June 2005 
Volume 04, Issue 2 
Main Feature


Locations faring well in Employee Surveys have common behaviors

Why did some Boeing sites fare better than others in past Employee Surveys? It's not because of chance or luck.

Using 2003 Employee Survey data, the company conducted an internal study and found that there were key practices common among high-scoring locations (see below). The value of these practices was further validated against external sources.

"We've found that successful sites do not focus on just one of these practices, they tend to have an integrated, inclusive approach that weaves them together," said David Vadas, Employee Relations research analyst for Boeing.

Here are the "Six Key Differentiators" that are common among Boeing sites with high employee satisfaction scores.

  • Small-site Culture: A sense of community or connected culture (not necessarily the facility's size). Features: A proactive mentality, care for employees, pride and employees' knowledge of the business plan.
  • Leaders as Communicators: Ongoing behavior, not just at times of major change. Features: Forums for senior leaders to talk directly with employees, and leaders working to eliminate barriers to two-way communication.
  • Employee Involvement: Decision making is encouraged at the level closest to the activity. Features: Every employee has the opportunity and accountability for the design, execution and continuous improvement of his/her work.
  • Recognition: Recognition is a site priority. Features: Site-specific recognition, and employees are involved in determining some awards.
  • Job Strategy Alignment: There is a clear link between each employee's work and the unit's business strategy. Features: Measurement of employee performance against goals, and ongoing communications with employees about changing business conditions and operating results.
  • Visible Metrics: All important actions are measured. Features: Measures are visible and understood by all employees, and employees have an impact on what's measured.

For more information, visit the Employee Engagement section of the Employee Relations site on the Boeing Web, at http://wea.web.boeing.com/key-diff.html (internal link only).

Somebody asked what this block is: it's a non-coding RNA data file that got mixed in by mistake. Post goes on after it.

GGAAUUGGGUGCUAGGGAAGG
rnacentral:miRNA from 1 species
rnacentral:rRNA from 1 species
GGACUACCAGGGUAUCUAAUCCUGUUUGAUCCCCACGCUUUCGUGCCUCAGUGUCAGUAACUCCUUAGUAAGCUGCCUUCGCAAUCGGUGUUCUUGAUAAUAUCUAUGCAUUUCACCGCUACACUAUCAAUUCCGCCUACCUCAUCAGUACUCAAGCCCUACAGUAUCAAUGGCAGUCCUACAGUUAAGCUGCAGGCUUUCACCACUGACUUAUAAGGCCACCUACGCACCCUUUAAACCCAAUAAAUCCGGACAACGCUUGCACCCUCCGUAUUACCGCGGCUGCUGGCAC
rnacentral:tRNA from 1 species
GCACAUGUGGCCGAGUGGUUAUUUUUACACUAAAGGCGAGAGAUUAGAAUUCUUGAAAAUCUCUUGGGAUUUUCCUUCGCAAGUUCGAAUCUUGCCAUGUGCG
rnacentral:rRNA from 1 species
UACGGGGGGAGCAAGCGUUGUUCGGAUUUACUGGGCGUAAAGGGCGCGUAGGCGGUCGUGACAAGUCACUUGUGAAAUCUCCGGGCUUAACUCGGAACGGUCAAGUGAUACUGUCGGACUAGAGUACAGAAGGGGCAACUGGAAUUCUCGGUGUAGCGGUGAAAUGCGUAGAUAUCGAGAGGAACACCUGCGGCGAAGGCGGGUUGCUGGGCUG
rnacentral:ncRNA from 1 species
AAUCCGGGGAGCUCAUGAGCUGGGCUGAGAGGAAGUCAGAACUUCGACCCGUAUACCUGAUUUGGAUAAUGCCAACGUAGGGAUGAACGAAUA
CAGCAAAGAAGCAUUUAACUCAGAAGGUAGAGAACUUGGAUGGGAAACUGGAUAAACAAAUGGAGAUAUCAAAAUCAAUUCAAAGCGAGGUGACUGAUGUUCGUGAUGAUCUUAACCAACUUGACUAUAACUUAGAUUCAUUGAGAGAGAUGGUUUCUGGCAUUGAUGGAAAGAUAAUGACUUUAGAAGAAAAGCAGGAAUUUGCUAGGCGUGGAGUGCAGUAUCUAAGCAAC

Macon: Big acclaim for a small facility

Big acclaim for a small facilityWith about 600 employees, Boeing's Macon, Ga., site might be small in size. But its many accomplishments include being named one of the 10 best manufacturing plants in North America by IndustryWeek magazine in 2004. Macon, which builds structural subassemblies for the C-17 airlifter and the Apache and Chinook rotorcraft, earned Employee Satisfaction Index scores in the 70s in 2003 and 2004. Those figures made Macon among Boeing's best-scoring sites.

Macon representatives credit this success to a team-based culture that "promotes decision-making and accountability throughout the organization," said Al Stewart, a Community Relations/Government Affairs specialist. The teams choose their own leaders and maintain Employee Involvement team boards to track their goals and performance metrics.

"We encourage employees to be proactive," said Site Leader Obie Jones. "When they see a problem or have an idea about process improvements, they take the initiative to start the corrective action process or incorporate improvement ideas through the proper channels."

At Macon, all jobs are thought of as equally important, and the person who does the job is considered the expert for that job. The message is reinforced through common benefits for all employees regardless of position or classification. In fact, there is no reserved parking for anyone, including Jones, except for the Employee of the Month.

—Maribeth Bruno


At Long Beach, it's about involvement

Clydel Legaux Jr. (left) and Menh Vuong discuss the Wing-Rear Spar Seal ProcessIntegrated Defense Systems in Long Beach, Calif.—home of the C-17 and Airlift & Tanker programs—was one of the first Boeing sites to implement Employee Involvement, under the leadership of Director Ed Schaniel. The site is marking the 10-year anniversary of its transformation from "command and control" to a team-based culture, said EI lead Rich Nicholson, and the effort is paying off.

On the 2004 Employee Survey, IDS Long Beach scored three to four points higher than the overall IDS group scores in areas including leadership focus and running a healthy business, and its 2003 Employee Satisfaction Index was 69.

Each of Long Beach's roughly 600 EI teams documents team-based business improvements and empowerment plans. This work lets them "manage their business day to day, freeing up the first-line managers to work on strategic issues and development," Nicholson said.

Teams also take the initiative on workplace issues. That's led to solutions such as an employee center with access to computers and fax machines; a veterans' committee and color guard; and a badge attachment with key medical information.

—Maribeth Bruno

Front Page
Contact Us | Site Map| Site Terms | Privacy | Copyright
Copyright© Boeing. All rights reserved.